Wall Chart Citations

A Quick Trip to 7.6 Billion (Timeline side)

Historical items noting dates of events, inventions, discoveries and publications are found in a wide variety of sources. Below are the sources for statistical data noted on the timeline.

Years of world population milestones (1-8 billion): United Nations Population Division.

U.S. population statistics (1820s, 1915, 1967, 2006): U.S. Bureau of the Census.

Life expectancy (1804, 1927, 1960, 1974, 1987, 1999, 2011): World Development Indicators, World Bank: (1) United Nations Population Division. 2009. World Population Prospects: The 2008 Revision. New York, United Nations, Department of Economic and Social Affairs (advanced Excel tables), (2) Census reports and other statistical publications from national statistical offices, (3) Eurostat: Demographic Statistics, (4) Secretariat of the Pacific Community: Statistics and Demography Programme, and (5) U.S. Census Bureau: International Database. Bourguignon, F. and C. Morrisson (2002). Inequality among world citizens 1820-1992. American Economic Review, pp. 727-744; James C. Riley, Rising Life Expectancy: A Global History, Cambridge University Press, 2002; James C. Riley, “Estimates of Regional and Global Life Expectancy, 1800-2001,” Population and Development Review, Vol. 31, No. 3 (Sept., 2005), pp. 537-543.

Total fertility rate (1960, 1974, 1987, 1999, 2011): United Nations Population Division.

Number of national parks (1872): International Union of Conservation of Nature.

Number of “test tube babies” born (1978): International Committee for Monitoring Assisted Reproductive Technologies (ICMART).

Collapse of codfish stock (1992): Millennium Ecosystem Assessment, 2005, Ecosystems and Human Well-being: Synthesis, World Resources Institute.

Mass coral bleaching event (2016): Carbon Brief.

CO2 levels reach 400 ppm (2016): NASA.

 

Where Do We Grow From Here? (Infographic side)

Below are the data sources for graphs, charts and tables found throughout the infographics.

State of the Global Family: Then and Now

Population size, growth rate, life expectancy and total fertility rate: United Nations Population Division.

Urban population:United Nations Population Division; Population Reference Bureau.

Median age: Human Development Indicators (United Nations Population Division; United Nations Department of Economic and Social Affairs).

Child mortality: Level & Trends in Child Mortality Report 2010. Estimates Developed by the UN Inter-agency Group for Child Mortality Estimation (UNICEF, WHO, World Bank, UN DESA, UNPD).

Average years of school: Wittgenstein Centre for Demography and Global Human Capital (2015).

Women in parliaments: United Nations, Inter-Parliamentary Union.

CO2 emissions: Carbon Dioxide Information Analysis Center, Oakridge National Laboratory.

Atmospheric concentration of CO2: Scripps Institute of Oceanography.

World fertilizer use: Earth Policy Institute, compiled from data from Food and Agriculture Organization (FAO) of the United Nations and the International Fertilizer Industry Association.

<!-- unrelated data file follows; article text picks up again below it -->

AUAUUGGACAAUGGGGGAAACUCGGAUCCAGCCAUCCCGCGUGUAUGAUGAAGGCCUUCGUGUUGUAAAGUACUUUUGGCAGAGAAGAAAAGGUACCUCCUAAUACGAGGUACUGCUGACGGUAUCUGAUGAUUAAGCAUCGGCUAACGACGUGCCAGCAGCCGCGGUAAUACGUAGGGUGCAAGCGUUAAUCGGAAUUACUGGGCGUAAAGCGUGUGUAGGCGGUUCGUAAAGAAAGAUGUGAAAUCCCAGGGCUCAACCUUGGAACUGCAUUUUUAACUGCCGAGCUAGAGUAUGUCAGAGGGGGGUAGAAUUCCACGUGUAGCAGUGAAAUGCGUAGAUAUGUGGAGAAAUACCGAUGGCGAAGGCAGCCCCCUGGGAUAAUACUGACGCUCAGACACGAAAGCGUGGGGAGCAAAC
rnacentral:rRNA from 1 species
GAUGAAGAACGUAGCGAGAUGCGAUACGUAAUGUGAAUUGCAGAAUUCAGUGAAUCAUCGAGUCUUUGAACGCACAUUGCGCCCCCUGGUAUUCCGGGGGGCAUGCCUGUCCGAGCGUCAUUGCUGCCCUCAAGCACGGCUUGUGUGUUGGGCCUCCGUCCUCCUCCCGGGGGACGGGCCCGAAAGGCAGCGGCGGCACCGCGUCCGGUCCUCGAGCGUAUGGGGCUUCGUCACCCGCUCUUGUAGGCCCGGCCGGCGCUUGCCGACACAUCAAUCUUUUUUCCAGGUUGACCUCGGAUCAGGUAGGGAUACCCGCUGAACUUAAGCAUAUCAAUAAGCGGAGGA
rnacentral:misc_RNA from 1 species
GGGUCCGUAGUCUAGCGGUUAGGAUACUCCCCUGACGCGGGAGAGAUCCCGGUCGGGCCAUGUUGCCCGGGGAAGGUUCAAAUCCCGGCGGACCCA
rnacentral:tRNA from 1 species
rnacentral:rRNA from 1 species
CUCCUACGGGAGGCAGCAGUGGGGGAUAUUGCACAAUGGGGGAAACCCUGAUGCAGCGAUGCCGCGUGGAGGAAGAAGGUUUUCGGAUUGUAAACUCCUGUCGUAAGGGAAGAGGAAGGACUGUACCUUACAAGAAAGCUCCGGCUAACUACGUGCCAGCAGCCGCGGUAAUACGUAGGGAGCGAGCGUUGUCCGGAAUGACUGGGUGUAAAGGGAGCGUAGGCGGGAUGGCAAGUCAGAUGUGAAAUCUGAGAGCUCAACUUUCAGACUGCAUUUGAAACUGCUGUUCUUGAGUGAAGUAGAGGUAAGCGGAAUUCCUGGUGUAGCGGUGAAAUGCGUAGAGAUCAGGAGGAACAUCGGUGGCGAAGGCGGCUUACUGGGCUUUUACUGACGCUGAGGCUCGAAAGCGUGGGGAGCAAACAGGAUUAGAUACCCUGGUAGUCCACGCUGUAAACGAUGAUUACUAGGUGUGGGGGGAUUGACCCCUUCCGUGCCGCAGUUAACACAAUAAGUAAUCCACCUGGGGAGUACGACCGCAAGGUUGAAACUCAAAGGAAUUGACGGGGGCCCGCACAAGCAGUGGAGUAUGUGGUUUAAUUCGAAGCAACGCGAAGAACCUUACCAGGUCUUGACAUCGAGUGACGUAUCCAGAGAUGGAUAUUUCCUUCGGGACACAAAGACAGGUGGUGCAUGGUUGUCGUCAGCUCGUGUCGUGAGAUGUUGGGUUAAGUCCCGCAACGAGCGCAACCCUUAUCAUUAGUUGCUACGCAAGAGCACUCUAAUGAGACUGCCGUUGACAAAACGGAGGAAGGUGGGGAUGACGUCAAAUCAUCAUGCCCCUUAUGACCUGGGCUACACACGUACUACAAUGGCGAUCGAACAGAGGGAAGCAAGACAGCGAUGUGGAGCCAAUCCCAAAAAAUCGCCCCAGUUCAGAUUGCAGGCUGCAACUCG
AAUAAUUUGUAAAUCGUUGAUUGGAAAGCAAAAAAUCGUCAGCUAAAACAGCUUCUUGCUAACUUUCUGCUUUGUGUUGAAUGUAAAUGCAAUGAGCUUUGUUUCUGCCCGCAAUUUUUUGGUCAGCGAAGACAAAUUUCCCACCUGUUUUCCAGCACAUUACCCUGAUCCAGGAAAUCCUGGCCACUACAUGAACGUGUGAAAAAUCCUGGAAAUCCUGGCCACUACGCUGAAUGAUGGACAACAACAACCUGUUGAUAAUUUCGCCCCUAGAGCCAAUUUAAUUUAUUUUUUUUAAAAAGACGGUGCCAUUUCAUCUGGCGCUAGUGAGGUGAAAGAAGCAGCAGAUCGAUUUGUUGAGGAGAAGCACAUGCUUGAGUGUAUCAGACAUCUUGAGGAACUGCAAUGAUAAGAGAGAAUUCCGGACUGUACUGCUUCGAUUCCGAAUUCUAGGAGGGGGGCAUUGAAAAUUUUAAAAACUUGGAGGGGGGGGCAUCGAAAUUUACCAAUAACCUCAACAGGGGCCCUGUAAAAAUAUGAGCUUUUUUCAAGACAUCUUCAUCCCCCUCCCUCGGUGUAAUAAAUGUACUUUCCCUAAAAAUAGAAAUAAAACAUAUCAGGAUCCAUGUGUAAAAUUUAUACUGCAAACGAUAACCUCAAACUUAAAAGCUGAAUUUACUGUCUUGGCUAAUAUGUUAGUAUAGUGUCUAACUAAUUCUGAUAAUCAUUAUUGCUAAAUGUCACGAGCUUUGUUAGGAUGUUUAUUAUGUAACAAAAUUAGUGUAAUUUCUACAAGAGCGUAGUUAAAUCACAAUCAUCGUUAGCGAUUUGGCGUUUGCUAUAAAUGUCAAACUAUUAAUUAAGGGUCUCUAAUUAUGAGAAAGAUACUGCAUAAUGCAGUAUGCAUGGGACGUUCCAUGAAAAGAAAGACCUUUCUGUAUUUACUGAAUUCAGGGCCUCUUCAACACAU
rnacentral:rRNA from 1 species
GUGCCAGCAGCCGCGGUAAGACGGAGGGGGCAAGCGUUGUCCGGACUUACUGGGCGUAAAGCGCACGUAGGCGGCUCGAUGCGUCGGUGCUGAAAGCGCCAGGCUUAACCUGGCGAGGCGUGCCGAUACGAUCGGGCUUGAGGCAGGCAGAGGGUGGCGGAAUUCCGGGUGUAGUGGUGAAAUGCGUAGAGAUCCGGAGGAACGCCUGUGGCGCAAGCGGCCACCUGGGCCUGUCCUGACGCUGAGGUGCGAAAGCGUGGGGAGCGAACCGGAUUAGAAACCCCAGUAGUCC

World fish catch: Food and Agriculture Organization (FAO) of the United Nations.

Number of passenger cars: International Organization of Motor Vehicle Manufacturers.

Ecological Footprint: Global Footprint Network; World Wildlife Fund.

Internet users and cell phone subscriptions: International Telecommunications Union (ITU), a United Nations agency.

Size of the global middle class: Brookings Institution.

A Demographic Tale of Three Countries

Life expectancy, total fertility rate: United Nations Population Division.

Median age: Human Development Indicators (United Nations Population Division; United Nations Department of Economic and Social Affairs).

Average years of school: Wittgenstein Centre for Demography and Global Human Capital (2015).

Access to improved water and sanitation facilities: World Health Organization (WHO) and United Nations Children’s Fund (UNICEF).

Access to electricity: International Energy Agency.

Child mortality: WHO/UNICEF JMP.

Contraceptive use: United Nations Population Division (2017).

All Other Graphs:

World Population Projections: United Nations, World Population Prospects, 2017 Revision.

Our Urban World: United Nations, World Urbanization Prospects 2018.

Number of Undernourished People in the World: Food and Agriculture Organization (FAO) of the United Nations.

Percent of Population Experiencing Water Scarcity: Matti Kummu, The world’s road to water scarcity: shortage and stress in the 20th century and pathways toward sustainability. Sci. Rep. 6, 38495 (2016).

Population and Carbon Emissions: Carbon Dioxide Analysis Center, Oakridge National Laboratory; Population Reference Bureau.

Energy Use Uneven Across the Globe: International Energy Agency.

Meat Consumption: Food and Agriculture Organization (FAO) of the United Nations.

Paper/Paperboard Consumption: Food and Agriculture Organization (FAO) of the United Nations.

Number of Ocean “Dead Zones”: Kevin J. Noone, Ussif Rashid Sumaila and Robert J. Diaz (2013), Managing ocean environments in a changing climate: sustainability and economic perspectives. Elsevier.

Coral Reefs: IUCN (Caribbean); International Coral Reef Initiative (West Indies); De’ath, et. al. (Great Barrier Reef).

Forest Loss: Food and Agriculture Organization (FAO) of the United Nations.

Women’s Education and Fertility: Robert J. Barro and Jong-Wha Lee, “A New Data Set of Educational Attainment in the World, 1950-2010,” Working Paper No. 15902, April 2010, National Bureau of Economic Research; Population Reference Bureau.

Improving Child Heath in Low Income Countries: World Health Organization (WHO).

Ecological Footprint: Global Footprint Network; World Wildlife Fund.

Energy Mix Goals: IRENA (International Renewable Energy Agency).